How to Handle Boundary Disputes with Neighbours


Posted on: 20 April 2017 by Veronica Pembleton

Dealing with boundary disputes can be a stressful process, especially when you and your neighbour just aren't seeing eye to eye. If you're wondering how to best resolve the issue once and for all, read more here on how to best handle the situation.

Neighbourly disputes are often commonplace in this generation. Whilst we would all obviously love to live in peace, almost in harmony side by side, unfortunately, this isn’t always the case and disagreements do arise.


The most common dispute between neighbours are in relation to property boundaries. They disagreements begin with the two parties fail to agree on where their lands stops and the others starts. Overall, they can happen for several reasons but often they spark because one may object to some proposed plans to extended their home or garden, possible erection of fences or walls or if a hedge/tree is overshadowing onto their home.


Whilst you may feel like you’re in the right, before any argument turns into a dispute, it’s crucial that you establish who is the rightful owner of the land. This can be done by looking into the deeds. These deeds hold more importance than the Land Registry title plan, which will only show the general, physical boundaries of your property as opposed to the legal parameters. This usually brings up a surprising and complex result as the exact layout and extent of the boundaries can be very different from what you’re seeing. It’s typical to find that the boundaries aren’t clearly mapped out and that they have changed a lot over time due to adjustments in the space. This confusion can then lead both concerned parties to believe they’re right, causing a long winded drawn out dispute.


How Best to Resolve These Disputes?


No one likes to argue so thankfully, there are many steps you can take to attempt to resolve your neighbourly boundary disputes. At all times, if possible, it is always best to avoid rushing into legal proceeding as hopefully these differences can be resolved amicably – remember your neighbour will need time to address your points or proposed changes.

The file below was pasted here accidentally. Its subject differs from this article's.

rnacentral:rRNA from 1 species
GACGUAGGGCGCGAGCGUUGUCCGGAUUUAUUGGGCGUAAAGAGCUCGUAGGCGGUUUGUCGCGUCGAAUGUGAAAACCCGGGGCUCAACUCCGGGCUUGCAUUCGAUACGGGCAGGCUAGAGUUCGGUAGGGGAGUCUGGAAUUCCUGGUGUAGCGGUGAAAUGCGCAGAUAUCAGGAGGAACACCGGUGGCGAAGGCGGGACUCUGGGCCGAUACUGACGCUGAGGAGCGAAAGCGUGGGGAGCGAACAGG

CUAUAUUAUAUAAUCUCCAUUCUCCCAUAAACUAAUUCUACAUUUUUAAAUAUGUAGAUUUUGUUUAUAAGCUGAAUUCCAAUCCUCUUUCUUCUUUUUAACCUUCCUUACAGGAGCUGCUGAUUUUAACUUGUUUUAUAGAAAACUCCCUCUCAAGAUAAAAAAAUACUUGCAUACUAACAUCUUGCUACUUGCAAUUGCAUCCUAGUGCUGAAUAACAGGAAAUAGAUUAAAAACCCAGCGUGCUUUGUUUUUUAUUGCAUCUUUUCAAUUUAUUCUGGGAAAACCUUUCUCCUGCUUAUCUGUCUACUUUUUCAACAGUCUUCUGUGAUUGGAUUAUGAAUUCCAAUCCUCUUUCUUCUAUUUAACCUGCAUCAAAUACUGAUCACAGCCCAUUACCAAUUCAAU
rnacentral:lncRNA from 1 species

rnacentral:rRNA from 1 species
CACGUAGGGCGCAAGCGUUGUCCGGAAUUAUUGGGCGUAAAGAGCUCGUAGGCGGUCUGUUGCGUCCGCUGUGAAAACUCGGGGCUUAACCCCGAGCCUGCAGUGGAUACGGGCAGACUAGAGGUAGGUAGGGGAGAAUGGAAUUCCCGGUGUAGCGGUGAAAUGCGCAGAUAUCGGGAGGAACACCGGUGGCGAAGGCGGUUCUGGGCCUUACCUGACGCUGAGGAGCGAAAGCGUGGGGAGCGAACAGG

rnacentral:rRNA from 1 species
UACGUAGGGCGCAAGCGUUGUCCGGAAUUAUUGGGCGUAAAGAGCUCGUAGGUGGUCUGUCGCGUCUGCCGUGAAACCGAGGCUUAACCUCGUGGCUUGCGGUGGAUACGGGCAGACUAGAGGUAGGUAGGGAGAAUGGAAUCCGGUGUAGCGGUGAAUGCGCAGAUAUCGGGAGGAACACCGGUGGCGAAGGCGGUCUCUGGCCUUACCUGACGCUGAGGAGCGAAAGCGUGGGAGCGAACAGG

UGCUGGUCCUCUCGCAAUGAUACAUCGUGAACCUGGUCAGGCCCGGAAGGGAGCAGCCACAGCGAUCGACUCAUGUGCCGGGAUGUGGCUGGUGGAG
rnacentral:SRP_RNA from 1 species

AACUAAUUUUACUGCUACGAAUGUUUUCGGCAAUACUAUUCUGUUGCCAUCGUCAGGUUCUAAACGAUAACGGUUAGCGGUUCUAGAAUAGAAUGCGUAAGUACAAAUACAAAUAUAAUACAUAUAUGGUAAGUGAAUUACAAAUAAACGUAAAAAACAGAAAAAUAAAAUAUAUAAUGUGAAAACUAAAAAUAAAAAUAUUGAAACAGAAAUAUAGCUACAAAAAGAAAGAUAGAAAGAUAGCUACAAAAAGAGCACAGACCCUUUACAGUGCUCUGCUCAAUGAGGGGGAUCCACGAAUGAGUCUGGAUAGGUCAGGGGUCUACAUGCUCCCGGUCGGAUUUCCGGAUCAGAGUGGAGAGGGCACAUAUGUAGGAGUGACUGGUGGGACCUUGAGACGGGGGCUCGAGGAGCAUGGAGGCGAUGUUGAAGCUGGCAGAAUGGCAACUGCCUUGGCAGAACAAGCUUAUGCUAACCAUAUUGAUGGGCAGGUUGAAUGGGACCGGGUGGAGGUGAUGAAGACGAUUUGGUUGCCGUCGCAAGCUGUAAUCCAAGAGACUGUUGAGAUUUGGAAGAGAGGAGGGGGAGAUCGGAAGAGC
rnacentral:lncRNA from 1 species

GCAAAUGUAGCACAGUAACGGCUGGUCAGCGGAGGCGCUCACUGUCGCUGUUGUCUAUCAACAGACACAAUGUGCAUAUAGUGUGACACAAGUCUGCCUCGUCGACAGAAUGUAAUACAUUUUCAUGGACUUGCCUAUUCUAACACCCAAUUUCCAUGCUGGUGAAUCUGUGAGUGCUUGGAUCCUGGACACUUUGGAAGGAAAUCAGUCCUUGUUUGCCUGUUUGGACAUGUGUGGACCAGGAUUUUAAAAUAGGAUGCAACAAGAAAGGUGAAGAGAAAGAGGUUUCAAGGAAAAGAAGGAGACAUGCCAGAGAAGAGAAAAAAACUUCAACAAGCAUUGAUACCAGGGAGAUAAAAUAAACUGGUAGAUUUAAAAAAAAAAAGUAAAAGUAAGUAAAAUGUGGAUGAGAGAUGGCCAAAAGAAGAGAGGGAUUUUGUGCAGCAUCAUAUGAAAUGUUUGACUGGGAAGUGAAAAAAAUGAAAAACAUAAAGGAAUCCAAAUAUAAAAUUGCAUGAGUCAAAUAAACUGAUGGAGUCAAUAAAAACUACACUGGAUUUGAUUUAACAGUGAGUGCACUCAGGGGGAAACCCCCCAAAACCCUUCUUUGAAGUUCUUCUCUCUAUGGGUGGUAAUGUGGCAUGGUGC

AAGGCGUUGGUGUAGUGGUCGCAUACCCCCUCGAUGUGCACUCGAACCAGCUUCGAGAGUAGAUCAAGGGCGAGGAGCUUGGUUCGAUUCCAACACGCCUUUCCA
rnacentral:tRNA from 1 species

The best thing to do, in the first instance, is to talk to your neighbour. Arguments can spark and tempers can flare, however, often you’d be pleasantly surprised at what informal talks can do. If your neighbour is a tenant, then you will be able to discuss the dispute with the landlord as this ultimately won’t be their decision.


If in the result, you can’t sort the problem out, you may want to seek legal action. Boundary disputes are rarely straightforward and can often be complex which is why it is best to seek legal help. Dispute resolution solicitors are perfectly placed to deal with these matters and will be able to give you the support you need to make your case. You will often find that this removes some of the bitterness between the two parties as it has been legally rectified, rather than just their word against the others.


What Should I Do Before Moving If I Want to Avoid Disputes?


If you’re looking to move into a new place and have earmarked the garden or home for some well-needed changes, you’ll need to consider if these alterations will affect the property boundaries. If this refers to you, then there are several steps you can follow before your make the purchase to avoid running into a dispute once you’ve moved in:


  1. Review the filed title plan that your conveyancing solicitors send you in order to guarantee the boundaries on the ground match the legal title. Any discrepancies should be immediately flagged.
  2. If ever you’re unsure on any parts, contact the land registry or your valuer to have a boundary survey carried out.
  3. Ensure that your solicitor gives you clear advice on what the actual legal title deeds say about the position of the boundary and who’s responsible for its maintenance or repair.

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Veronica Pembleton posted 21 April 2017

Thank you for your lovely comment, I'm glad to read that you enjoyed it!

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